LONDON — European markets were mixed on Monday as investors braced for a big week of corporate earnings and a key monetary policy decision from the U.S. Federal Reserve.
The pan-European Stoxx 600 hovered around the flatline by mid-morning, having initially dropped more than 0.4% in early trade. Banks jumped 1.8% while travel and leisure stocks fell 0.7%.
Much of this week’s focus will center around the U.S. Federal Reserve’s two-day policy meeting, concluding on Wednesday, with economists broadly expecting a 75 basis point hike to interest rates by the central bank.
The European Central Bank last week kick-started its own hiking cycle with a 50 basis point increase, larger than previously suggested.
Hawkish ECB policymaker Robert Holzmann told an Austrian broadcaster on Sunday that the Governing Council will consider the economic landscape across the euro zone before determining whether another big rate hike will be feasible in September.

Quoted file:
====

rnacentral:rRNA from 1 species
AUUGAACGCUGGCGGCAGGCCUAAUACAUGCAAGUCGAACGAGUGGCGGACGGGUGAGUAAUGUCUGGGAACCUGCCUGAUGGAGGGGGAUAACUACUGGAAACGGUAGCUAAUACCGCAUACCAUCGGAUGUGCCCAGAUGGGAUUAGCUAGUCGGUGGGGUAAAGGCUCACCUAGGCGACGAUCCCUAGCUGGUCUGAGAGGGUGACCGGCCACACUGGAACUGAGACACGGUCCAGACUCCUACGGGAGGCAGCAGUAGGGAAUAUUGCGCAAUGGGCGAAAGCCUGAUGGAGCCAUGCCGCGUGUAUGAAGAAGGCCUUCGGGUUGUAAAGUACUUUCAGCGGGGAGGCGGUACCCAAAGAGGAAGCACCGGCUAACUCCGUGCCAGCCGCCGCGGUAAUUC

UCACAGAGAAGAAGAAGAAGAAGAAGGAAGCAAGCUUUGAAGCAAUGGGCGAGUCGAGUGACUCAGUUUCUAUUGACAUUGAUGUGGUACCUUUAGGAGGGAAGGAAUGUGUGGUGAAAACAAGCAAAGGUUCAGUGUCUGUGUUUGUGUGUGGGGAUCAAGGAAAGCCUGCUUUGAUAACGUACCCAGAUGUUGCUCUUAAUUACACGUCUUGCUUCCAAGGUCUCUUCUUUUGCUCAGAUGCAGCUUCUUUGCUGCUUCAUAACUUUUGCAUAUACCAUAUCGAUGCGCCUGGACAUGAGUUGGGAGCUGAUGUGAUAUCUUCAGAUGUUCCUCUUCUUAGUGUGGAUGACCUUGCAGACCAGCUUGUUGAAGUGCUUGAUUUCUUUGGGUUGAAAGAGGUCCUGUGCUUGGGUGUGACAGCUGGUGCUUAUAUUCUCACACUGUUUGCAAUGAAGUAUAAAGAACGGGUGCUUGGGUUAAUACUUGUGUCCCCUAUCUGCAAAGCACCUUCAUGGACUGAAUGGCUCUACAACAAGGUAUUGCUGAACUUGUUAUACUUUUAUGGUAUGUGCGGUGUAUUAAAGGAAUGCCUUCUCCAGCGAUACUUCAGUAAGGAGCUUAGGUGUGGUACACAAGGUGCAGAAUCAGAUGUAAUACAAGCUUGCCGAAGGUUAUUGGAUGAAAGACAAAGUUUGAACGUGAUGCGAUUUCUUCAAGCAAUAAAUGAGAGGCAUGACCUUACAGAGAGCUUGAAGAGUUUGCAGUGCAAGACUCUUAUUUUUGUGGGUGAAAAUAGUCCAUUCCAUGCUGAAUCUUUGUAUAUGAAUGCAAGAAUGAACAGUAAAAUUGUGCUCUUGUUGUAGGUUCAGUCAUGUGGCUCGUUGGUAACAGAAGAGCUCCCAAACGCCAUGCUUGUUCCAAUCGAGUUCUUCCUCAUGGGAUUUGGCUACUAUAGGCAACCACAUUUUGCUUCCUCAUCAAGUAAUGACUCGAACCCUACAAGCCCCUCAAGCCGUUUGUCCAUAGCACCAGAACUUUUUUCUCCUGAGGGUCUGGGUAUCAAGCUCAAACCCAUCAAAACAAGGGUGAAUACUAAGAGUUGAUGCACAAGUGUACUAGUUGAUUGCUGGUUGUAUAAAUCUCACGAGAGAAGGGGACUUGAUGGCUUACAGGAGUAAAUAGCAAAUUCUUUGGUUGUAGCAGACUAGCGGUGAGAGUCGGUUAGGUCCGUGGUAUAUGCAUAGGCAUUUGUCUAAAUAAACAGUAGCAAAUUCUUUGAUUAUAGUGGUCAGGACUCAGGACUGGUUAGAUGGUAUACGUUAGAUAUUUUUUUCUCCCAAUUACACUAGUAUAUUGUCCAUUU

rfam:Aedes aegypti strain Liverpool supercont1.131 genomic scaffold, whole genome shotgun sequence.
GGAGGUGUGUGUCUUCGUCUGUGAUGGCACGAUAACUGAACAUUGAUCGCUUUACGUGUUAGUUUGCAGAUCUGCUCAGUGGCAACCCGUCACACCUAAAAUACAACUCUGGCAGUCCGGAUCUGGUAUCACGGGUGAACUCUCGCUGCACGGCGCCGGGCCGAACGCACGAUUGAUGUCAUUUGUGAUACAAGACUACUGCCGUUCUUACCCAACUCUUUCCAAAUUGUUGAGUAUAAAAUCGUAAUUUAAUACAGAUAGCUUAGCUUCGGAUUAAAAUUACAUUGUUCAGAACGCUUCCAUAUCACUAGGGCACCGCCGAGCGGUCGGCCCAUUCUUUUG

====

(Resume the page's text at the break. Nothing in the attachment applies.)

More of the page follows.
Shares in Asia-Pacific were mostly lower overnight as concerns about a global economic downturn put the brakes on a recent return to risk-on sentiment for investors, with traditional safe haven bonds and the dollar finding substantial bids.
U.S. stock futures were fractionally lower in early premarket trade, coming off a positive week on Wall Street as traders brace for a barrage of corporate earnings and assess the Fed’s future rate hiking trajectory.
Corporate earnings will also be a key driver of stock market movement in Europe, with UBS, Unilever, LVMH, Credit Suisse, Deutsche Bank, Daimler, Shell, Barclays, Nestle and Renault among the major players reporting throughout the week.
Philips shares plunged 11% by mid-morning after the Dutch medical equipment company missed second-quarter core earnings expectations by a significant margin and cuts full-year and mid-term profit outlook.
At the top of the Stoxx 600, French car parts supplier Faurecia climbed more than 5% after a strong set of first-half results.
On the data front, a key business climate index for July from Germany’s Ifo Institute came in at 88.6 on Monday, its lowest level for more than two years, as business morale plunged as a result of spiraling energy prices and impending gas shortages.
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